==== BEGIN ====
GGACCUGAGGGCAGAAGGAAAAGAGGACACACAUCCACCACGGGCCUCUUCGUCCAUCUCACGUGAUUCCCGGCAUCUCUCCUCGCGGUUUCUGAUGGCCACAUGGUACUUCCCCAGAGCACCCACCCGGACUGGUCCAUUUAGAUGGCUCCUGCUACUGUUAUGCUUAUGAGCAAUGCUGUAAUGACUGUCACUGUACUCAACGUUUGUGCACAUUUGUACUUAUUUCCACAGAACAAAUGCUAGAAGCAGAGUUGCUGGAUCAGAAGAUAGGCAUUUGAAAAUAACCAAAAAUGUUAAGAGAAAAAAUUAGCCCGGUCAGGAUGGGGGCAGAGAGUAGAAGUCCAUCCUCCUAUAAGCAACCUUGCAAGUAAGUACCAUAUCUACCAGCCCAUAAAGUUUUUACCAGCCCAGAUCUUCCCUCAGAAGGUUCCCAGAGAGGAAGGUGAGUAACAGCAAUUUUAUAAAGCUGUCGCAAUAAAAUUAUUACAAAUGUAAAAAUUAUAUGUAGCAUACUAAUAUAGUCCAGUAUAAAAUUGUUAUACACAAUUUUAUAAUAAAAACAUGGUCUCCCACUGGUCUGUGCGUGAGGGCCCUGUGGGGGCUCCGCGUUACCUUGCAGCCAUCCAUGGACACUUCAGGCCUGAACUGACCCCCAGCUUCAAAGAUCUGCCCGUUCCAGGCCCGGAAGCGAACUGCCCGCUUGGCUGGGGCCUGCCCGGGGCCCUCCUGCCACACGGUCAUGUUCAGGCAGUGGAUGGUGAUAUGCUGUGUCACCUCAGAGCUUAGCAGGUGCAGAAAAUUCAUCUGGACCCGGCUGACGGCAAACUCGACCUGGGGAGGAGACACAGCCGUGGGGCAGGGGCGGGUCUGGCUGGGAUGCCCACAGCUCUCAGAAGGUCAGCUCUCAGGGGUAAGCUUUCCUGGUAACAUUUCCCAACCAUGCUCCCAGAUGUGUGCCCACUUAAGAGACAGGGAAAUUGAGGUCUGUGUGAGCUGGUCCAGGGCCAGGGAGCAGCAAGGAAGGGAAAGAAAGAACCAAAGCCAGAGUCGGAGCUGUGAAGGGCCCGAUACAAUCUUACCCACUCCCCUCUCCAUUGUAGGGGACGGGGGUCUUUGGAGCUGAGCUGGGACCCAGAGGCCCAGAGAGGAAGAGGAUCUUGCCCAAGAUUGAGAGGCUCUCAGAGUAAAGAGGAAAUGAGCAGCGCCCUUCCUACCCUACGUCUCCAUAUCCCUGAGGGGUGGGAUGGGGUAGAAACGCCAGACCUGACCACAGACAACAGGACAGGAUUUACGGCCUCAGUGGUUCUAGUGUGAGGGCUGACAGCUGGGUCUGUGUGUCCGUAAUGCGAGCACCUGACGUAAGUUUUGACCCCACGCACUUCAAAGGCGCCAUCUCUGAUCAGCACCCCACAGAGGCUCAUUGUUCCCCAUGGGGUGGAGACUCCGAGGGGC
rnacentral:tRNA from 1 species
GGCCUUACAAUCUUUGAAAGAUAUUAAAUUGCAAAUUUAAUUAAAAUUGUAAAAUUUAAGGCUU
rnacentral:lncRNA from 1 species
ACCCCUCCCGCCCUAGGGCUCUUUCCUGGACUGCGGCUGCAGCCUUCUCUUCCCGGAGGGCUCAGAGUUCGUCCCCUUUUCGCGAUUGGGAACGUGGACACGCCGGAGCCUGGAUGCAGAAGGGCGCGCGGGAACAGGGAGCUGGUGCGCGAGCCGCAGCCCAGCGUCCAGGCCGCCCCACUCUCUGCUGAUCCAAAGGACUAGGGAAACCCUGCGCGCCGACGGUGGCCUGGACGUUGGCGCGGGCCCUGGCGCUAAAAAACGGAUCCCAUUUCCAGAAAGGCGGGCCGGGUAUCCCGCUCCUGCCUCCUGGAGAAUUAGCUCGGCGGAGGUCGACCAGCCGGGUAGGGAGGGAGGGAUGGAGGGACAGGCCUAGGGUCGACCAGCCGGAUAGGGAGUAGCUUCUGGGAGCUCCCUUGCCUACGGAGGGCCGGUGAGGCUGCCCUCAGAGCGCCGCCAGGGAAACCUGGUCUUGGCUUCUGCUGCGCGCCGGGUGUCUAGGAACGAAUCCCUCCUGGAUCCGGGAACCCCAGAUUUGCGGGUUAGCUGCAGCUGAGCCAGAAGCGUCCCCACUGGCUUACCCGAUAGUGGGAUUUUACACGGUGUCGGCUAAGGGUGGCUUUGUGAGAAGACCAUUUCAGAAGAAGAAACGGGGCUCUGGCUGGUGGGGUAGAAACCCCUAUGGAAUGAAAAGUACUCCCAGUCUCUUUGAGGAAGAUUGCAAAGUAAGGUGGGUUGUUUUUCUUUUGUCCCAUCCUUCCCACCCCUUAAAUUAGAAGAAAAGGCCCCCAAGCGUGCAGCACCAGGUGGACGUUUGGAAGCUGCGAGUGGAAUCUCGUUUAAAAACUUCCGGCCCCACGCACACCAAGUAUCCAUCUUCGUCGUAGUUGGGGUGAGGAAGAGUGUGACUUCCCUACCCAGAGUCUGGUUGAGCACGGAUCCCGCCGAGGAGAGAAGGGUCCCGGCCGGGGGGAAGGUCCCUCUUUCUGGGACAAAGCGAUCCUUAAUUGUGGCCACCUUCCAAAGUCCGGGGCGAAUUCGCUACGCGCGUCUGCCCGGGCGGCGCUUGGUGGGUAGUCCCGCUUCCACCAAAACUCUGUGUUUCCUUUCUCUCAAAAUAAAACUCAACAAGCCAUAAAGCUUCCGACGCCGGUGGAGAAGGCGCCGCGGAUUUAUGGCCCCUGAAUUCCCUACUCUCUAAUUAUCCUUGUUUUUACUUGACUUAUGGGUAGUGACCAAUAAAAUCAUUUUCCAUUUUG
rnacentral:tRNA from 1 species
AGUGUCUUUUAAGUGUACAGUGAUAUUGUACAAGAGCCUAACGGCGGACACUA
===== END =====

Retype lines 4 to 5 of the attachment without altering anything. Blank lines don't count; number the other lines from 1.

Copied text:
rnacentral:lncRNA from 1 species
ACCCCUCCCGCCCUAGGGCUCUUUCCUGGACUGCGGCUGCAGCCUUCUCUUCCCGGAGGGCUCAGAGUUCGUCCCCUUUUCGCGAUUGGGAACGUGGACACGCCGGAGCCUGGAUGCAGAAGGGCGCGCGGGAACAGGGAGCUGGUGCGCGAGCCGCAGCCCAGCGUCCAGGCCGCCCCACUCUCUGCUGAUCCAAAGGACUAGGGAAACCCUGCGCGCCGACGGUGGCCUGGACGUUGGCGCGGGCCCUGGCGCUAAAAAACGGAUCCCAUUUCCAGAAAGGCGGGCCGGGUAUCCCGCUCCUGCCUCCUGGAGAAUUAGCUCGGCGGAGGUCGACCAGCCGGGUAGGGAGGGAGGGAUGGAGGGACAGGCCUAGGGUCGACCAGCCGGAUAGGGAGUAGCUUCUGGGAGCUCCCUUGCCUACGGAGGGCCGGUGAGGCUGCCCUCAGAGCGCCGCCAGGGAAACCUGGUCUUGGCUUCUGCUGCGCGCCGGGUGUCUAGGAACGAAUCCCUCCUGGAUCCGGGAACCCCAGAUUUGCGGGUUAGCUGCAGCUGAGCCAGAAGCGUCCCCACUGGCUUACCCGAUAGUGGGAUUUUACACGGUGUCGGCUAAGGGUGGCUUUGUGAGAAGACCAUUUCAGAAGAAGAAACGGGGCUCUGGCUGGUGGGGUAGAAACCCCUAUGGAAUGAAAAGUACUCCCAGUCUCUUUGAGGAAGAUUGCAAAGUAAGGUGGGUUGUUUUUCUUUUGUCCCAUCCUUCCCACCCCUUAAAUUAGAAGAAAAGGCCCCCAAGCGUGCAGCACCAGGUGGACGUUUGGAAGCUGCGAGUGGAAUCUCGUUUAAAAACUUCCGGCCCCACGCACACCAAGUAUCCAUCUUCGUCGUAGUUGGGGUGAGGAAGAGUGUGACUUCCCUACCCAGAGUCUGGUUGAGCACGGAUCCCGCCGAGGAGAGAAGGGUCCCGGCCGGGGGGAAGGUCCCUCUUUCUGGGACAAAGCGAUCCUUAAUUGUGGCCACCUUCCAAAGUCCGGGGCGAAUUCGCUACGCGCGUCUGCCCGGGCGGCGCUUGGUGGGUAGUCCCGCUUCCACCAAAACUCUGUGUUUCCUUUCUCUCAAAAUAAAACUCAACAAGCCAUAAAGCUUCCGACGCCGGUGGAGAAGGCGCCGCGGAUUUAUGGCCCCUGAAUUCCCUACUCUCUAAUUAUCCUUGUUUUUACUUGACUUAUGGGUAGUGACCAAUAAAAUCAUUUUCCAUUUUG